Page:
I’m afraid I can’t do that

We are most firmly in the interactive digital age now. How do I know? A couple of days ago my digital Freeview

Digital TV – the way ahead, if you can see it…

Well here’s a wonderful thing. We moved into the digital TV age several years back now and looked forward to brilliantly clear pictures and no more worries about tuning stations. Until last Wednesday. Now all our digital TV contrivances had been warning us we would need to rescan them on 25 March to be able to continue to watch anything other than four terrestrial analogue channels (We couldn’t get Five on analogue before anyway). I didn’t think it would be too tricky, after all I wrestle with networks of computers and t’Internet on a daily basis. All you have to do is find the right buttons on the remote and it’s pretty automatic.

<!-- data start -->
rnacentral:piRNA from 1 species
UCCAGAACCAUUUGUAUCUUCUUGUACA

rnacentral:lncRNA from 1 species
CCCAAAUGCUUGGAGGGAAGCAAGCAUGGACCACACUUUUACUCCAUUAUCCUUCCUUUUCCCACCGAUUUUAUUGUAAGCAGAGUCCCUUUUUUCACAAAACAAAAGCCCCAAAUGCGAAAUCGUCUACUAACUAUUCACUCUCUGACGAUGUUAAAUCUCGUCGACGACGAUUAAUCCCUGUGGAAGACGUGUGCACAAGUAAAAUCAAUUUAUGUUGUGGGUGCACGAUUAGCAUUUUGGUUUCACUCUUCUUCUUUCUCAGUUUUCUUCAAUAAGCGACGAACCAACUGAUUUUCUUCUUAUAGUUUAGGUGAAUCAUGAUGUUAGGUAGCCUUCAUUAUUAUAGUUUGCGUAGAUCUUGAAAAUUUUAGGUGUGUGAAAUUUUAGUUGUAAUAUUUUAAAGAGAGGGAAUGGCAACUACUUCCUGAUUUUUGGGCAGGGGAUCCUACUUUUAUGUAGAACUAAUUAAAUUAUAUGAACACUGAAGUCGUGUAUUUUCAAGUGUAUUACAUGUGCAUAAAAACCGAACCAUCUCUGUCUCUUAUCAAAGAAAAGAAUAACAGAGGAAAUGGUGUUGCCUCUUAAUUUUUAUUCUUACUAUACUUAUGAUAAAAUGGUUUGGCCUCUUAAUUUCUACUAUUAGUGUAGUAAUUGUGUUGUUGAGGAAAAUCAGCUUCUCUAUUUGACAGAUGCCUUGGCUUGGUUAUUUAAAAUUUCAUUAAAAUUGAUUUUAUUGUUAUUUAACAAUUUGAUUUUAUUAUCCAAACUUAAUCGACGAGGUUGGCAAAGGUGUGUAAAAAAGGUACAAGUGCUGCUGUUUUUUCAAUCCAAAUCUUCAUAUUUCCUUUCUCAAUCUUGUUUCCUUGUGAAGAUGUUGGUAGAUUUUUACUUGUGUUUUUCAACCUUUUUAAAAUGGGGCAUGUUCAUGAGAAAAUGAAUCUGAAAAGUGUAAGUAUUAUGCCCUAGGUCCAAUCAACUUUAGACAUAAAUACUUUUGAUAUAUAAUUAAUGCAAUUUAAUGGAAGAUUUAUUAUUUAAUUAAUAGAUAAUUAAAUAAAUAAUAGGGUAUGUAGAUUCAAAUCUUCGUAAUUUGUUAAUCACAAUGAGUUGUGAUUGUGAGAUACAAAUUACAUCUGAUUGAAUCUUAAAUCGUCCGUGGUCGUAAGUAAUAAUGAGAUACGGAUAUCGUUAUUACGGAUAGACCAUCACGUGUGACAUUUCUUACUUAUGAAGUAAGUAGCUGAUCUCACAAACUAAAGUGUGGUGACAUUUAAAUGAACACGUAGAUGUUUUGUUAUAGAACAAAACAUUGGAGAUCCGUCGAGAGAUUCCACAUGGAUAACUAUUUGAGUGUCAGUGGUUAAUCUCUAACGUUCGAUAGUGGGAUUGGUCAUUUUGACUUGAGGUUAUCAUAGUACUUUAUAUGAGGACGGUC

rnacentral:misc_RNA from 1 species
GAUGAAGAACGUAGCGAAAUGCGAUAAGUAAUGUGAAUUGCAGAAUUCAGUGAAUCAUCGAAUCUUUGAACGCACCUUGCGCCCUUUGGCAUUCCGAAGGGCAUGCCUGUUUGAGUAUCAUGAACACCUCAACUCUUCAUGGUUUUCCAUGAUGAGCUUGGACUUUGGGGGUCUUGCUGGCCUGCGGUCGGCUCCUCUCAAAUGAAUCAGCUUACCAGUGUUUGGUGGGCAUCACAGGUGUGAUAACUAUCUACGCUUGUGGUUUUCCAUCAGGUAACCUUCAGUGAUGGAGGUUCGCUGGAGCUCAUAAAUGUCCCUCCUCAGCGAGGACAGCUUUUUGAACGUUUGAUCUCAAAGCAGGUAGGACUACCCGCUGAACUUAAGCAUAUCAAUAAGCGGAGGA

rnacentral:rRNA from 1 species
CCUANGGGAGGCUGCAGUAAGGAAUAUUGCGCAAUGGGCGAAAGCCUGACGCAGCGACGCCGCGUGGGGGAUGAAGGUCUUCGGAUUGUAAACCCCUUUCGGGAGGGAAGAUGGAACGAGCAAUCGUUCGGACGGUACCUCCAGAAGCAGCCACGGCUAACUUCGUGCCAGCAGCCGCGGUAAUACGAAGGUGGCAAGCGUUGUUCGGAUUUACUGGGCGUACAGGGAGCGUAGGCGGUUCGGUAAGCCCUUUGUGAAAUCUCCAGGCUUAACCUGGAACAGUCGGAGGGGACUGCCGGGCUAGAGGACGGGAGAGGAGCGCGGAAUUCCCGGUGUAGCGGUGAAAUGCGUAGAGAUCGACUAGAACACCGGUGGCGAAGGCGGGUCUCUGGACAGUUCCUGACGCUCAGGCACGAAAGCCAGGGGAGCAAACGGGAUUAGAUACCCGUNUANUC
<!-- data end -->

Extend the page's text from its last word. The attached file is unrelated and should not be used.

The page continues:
And so it turned out, kinda. A subtle side effect was that all the favourites that I had laboriously set up on each digital TV thingy so they all matched had been wiped so they had to be recreated from scratch. Now in the scheme of things hardly a disaster I grant you. No-one was injured, no ambulances had to be called and no animals were hurt in the process. However just as every designer thinks they have the best design, demonstrably better than anyone else, so it is that every digital TV appliance designer thinks they have the best way to organise your channels. The idea being that you can shuffle the less than useful channels to the nether regions of your list, only to be seen when you are looking for an obscure radio channel. Well my experience tells me most of them are wrong. Of course I could have paused to read the manual, but that would have sat uncomfortably with my carefully nurtured techie persona, and therefore was effectively a non-option. Still the sense of empowerment after I had got the channels in the order I wanted almost made it worth it.